Monday, September 29, 2014

Classics of the Liturgical Movement - A New Series on NLM

Just over a year ago on this blog, I published an article, “Carrying Forward the Noble Work of the Liturgical Movement,” praising the noble intentions of the members of the original Liturgical Movement and how these intentions were distorted and betrayed in the radicalized phase that increasingly dominated the fifties and sixties. At the time, I realized that many of the best authors on the sacred liturgy—either men from that original period or their later disciples and emulators—are not sufficiently well known among Catholics today, and that we ought to do something more to spread awareness of those authors who are the most integrally Catholic and the most insightful, and who, consequently, still have a lot to teach us today.

Accordingly, I have decided to start a new series here, introducing readers to older and newer authors who have a valid claim to be considered representatives of that authentic Liturgical Movement to which this blog has been contributing for years, and of which Pope Benedict XVI is the greatest living exponent. My plan is nothing fancy or detailed: an occasional post on a given author, with a few quotations from his writings. If people like what they read, they can purchase a new or used copy from the usual sellers out there, and add further thoughts in the combox, If they dislike what they read, again, the combox is ready to hand!

I cannot hope to mention, let alone quote from, every classic book worth reading on the Sacrifice of the Mass or the Holy Eucharist or the Liturgy taken generally—this goes far beyond my own knowledge of the territory and far beyond my own library. What I can do, however, is bring to the attention of NLM readers some particularly fine writing from the old and new Liturgical Movements to help ensure that work of great merit will be remembered (or, as the case may be, rediscovered) and valued today as it deserves to be valued, and also that work published more recently does not fall into oblivion now that we may be entering a wintry and more difficult phase of our work.

Let me be clear up front about what this series will NOT be.  I won’t be giving a biography of the authors, or an overview of their life’s work, or entering into questions of possible controversial views they may have had (particularly since almost every author in the Liturgical Movement had some occasionally odd ideas that either fortunately perished without issue or unfortunately got translated into the postconciliar reforms). In that sense, my inclusion of a book or author MUST NOT be construed as an endorsement of everything he argues in that book or any other work. (One thinks of Romano Guardini in this connection—a magnificent theologian in so many books or passages of his books, but quite out to lunch, if not to Mars, in others.)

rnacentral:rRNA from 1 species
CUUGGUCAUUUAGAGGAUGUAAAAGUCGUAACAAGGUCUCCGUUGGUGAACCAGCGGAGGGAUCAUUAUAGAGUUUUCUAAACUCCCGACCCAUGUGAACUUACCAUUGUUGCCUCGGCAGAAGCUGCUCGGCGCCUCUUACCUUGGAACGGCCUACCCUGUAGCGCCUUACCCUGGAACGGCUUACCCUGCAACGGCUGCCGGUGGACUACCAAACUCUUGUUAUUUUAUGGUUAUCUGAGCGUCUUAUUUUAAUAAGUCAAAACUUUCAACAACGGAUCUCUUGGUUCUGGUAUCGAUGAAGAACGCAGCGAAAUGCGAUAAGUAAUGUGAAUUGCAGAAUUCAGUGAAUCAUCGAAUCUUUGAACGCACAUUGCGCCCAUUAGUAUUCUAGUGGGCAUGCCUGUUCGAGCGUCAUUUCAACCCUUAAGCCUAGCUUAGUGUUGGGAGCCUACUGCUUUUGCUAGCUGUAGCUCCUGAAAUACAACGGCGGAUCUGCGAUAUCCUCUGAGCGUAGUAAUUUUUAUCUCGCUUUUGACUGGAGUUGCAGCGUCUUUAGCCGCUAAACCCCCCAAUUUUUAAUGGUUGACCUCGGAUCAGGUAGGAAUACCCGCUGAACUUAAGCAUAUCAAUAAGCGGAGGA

What is my positive goal? Simply to share with readers a taste of the riches that can be found in these authors and to encourage a re-reading of them. They have so much to offer us in wisdom, insight, guidance, encouragement, the reappropriation of the great sources, the deepening of the spiritual life. It seems to me that we are, in fact, in an ideal position to re-read them, because we have seen fifty years of experimentation, novelty, scandal, and abuse in the liturgical realm, we have witnessed what happens when strange theories are translated into practice, and so we will not be as tempted as the original readers of these authors to wander astray when we hit their peculiar pet ideas.  We are more likely to resonate with the profound truths for the dissemination of which the Lord, in His Providence, raised up these men, who were animated by a most profound love for and devotion to the sacred liturgy.

Like most series at NLM, this one will appear at indeterminate intervals, when and as I have occasion to prepare posts that pertain to it. I am also very open to suggestions from readers—particularly if they will send me excerpts of writings they would like to see included in a post!

We will commence next week with a rather obscure item, Canon G. A. Simon’s Commentary for Benedictine Oblates on the Rule of Saint Benedict (1947), which exemplifies the kind of rich spiritual doctrine that was once commonplace in Catholic writing—and which, happily, is back in print for the edification of Catholics today.

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